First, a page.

Wealth may foot the bill for a mountain of toys and treats, but even the fattest portfolio can never buy more time. Uncertainty is certain, even when you think you have enough to cover life’s contingencies.
Echoing the wisdom of Proverbs 27:1, James insists that our very lives measure up to about the durability of a vapor:
Come now, you who say, “Today or tomorrow we will go into such and such a town and spend a year there and trade and make a profit” — yet you do not know what tomorrow will bring. What is your life? For you are a mist that appears for a little time and then vanishes. (James 4:13–14)
Comparing the endurance of my life to particles that the gentlest breeze can obliterate doesn’t inspire much confidence in me. But that’s exactly the point. James continues,
Instead you ought to say, “If the Lord wills, we will live and do this or that.” (James 4:15)
If the Lord wills. If the God who numbers the hairs on our heads so desires (Matthew 10:30), then he will cause our hearts to pulse and our lungs to draw in breath as the next few seconds tick away. If the God who gives lift to each bird and who infuses every blade of grass with verdant hue so wishes (Matthew 6:26, 28–30), then he will give us sustenance for tomorrow. If the God who “has made his light to shine upon us” so wills (Psalm 118:27), then he will extend success to us as we endeavor to honor Jesus (Psalm 118:25).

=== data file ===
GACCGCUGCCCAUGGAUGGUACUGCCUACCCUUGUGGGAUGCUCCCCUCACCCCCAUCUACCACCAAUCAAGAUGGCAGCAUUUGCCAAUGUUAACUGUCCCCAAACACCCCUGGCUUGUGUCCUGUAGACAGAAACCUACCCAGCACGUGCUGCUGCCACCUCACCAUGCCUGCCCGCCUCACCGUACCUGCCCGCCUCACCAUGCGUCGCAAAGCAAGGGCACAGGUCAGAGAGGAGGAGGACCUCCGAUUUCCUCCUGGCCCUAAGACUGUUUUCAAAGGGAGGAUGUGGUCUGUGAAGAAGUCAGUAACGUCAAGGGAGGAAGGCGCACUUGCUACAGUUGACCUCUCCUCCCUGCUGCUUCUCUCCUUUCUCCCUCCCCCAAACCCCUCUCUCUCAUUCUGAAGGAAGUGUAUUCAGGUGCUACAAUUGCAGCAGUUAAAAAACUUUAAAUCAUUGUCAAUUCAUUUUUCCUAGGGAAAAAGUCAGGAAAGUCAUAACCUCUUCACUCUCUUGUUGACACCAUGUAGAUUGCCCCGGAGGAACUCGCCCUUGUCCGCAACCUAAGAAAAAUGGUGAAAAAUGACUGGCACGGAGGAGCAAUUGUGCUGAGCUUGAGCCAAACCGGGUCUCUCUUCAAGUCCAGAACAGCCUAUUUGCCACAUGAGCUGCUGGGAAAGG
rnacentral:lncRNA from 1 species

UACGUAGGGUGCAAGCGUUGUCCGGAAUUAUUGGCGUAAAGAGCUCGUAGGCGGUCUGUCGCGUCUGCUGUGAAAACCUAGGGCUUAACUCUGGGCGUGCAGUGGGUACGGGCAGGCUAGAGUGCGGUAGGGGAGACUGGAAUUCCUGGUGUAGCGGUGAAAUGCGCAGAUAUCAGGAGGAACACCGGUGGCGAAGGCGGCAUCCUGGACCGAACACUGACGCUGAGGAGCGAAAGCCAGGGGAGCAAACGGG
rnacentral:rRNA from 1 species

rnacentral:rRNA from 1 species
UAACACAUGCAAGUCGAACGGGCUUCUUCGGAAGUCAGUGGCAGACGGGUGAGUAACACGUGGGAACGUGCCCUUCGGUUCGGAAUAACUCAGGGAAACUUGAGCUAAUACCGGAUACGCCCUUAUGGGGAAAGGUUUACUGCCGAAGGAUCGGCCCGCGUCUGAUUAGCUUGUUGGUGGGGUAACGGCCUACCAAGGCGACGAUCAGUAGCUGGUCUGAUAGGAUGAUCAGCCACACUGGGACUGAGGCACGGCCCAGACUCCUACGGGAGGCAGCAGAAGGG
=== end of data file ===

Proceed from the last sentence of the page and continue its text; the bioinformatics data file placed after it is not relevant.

But only if the Lord wills. Our lives resemble puffs of smoke that blow at the whims of the wind. Our very being in this world could vanish in an instant. James’s point, however, is not that we drift aimlessly and disappear, but that God himself undergirds everything we do. God governs every tomorrow. His plans stand with certainty (Proverbs 19:21). His purposes endure (Psalm 33:11). His counsel abides (Isaiah 46:10).